Deduplication hasn't changed much in the last decade or two; it remains a staple of infrastructure maintenance in which software eliminates redundant data on servers and in storage. The deduplication process can happen when applications create new information, users save files, or administrators run storage redundancy scans.
The theory and goal behind this is simple: Why waste storage space on two copies of the same thing? Storage capacity may be practically free per megabyte or gigabyte, but the costs for managing it can rise per terabyte or petabyte. Deduplication is important in a world where capacity and speed both constantly increase their demands from the underlying systems.
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While the software basically works the same as ever, the big change in recent years is the variety of software sources, explained Bryan Hicks, director of systems engineering in Dell EMC's data protection group.
"Ten years ago it was simply coming from a backup application. Today you kind of move through what we call client direct—coming directly from the client—now we've moved into coming from the application source or the storage system itself, and bypassing the middleware that the legacy client-server applications had to process," Hicks explained.
The biggest mistake people make when implementing deduplication software is they don't consider the affected data types. For example, a lot of so-called "big data" is stored in databases, or is encrypted, or are media files—none of which most modern deduplication systems handle well. Hicks said EMC copes with encryption by de-encrypting the data, deduplicating it, and re-encrypting it—which works but makes the process slow.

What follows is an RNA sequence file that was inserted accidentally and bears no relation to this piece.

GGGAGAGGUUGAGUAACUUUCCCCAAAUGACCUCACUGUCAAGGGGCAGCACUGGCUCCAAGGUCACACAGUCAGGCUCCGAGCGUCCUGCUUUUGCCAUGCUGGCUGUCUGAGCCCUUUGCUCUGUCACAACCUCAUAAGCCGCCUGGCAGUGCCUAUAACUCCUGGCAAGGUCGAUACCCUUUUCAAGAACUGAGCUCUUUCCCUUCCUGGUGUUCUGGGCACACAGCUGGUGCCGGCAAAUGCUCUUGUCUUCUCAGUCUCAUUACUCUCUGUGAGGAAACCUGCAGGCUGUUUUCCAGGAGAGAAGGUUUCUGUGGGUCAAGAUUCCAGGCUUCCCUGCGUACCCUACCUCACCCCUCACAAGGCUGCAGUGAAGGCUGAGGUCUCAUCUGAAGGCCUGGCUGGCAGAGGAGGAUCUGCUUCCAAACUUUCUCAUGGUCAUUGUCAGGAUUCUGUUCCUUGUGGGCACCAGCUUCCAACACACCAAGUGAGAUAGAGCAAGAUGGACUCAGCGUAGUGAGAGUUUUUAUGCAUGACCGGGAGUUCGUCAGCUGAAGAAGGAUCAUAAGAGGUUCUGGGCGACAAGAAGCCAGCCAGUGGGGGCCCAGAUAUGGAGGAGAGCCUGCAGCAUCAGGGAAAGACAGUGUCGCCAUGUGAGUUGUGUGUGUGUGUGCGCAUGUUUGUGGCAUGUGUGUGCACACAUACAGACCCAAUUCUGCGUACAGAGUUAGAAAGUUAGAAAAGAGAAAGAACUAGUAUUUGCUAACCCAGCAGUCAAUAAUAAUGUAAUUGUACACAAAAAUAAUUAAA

(EMC, because of its place in the Dell ecosystem which includes VMware, is in a unique position to handle deduplication of virtual machines. Hicks said steps are beginning to happen that integrate deduplication deeper into VMware's ESX series of hypervisor systems.)
The big trend now is the evolving shift from deduplication performed on individual servers to what industry insiders call copy-data management (CDM) across entire networks, even if those networks are overflowing with virtual machines and cloud sources. Deduplication of data sources on massive scaled-out networks wasn't possible before due to speed limitations, but it may yet catch on because of the trends in all-flash arrays and non-volatile memory.
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Coming at the deduplication challenge from the other extreme is OpenDedup, which is free open-source software. OpenDedup is largely maintained by Kanatek Technologies, which sells service and support. But the advice for managing enterprise deduplication remains the same whether you've got a FOSS product or something commercial, noted Kanatek's Darryl Levesque, director of technology solutions.
Levesque added that it's a common mistake to use the wrong size server for a deduplication engine—the process needs a healthy dose of CPU cores, memory, and storage. Most deduplication programs will basically run by themselves after initial setup, but administrations must remember to check daily reports to ensure the systems aren't running into backlogs, especially when cloud storage is in play.
Levesque predicted that better handling databases and media files are the next domino to fall in deduplication. That could happen in five years from now, largely thanks to the same technologies that Hicks cited for increasing deduplication speed across networks, he said.
Evan became a technology reporter during the dot-com boom of the late 1990s. He published a book, "Abacus to smartphone: The evolution of mobile and portable computers" in 2015 and is executive director of Vintage Computer Federation, a 501(c)3 non-profit organization. His vices include running and Springsteen.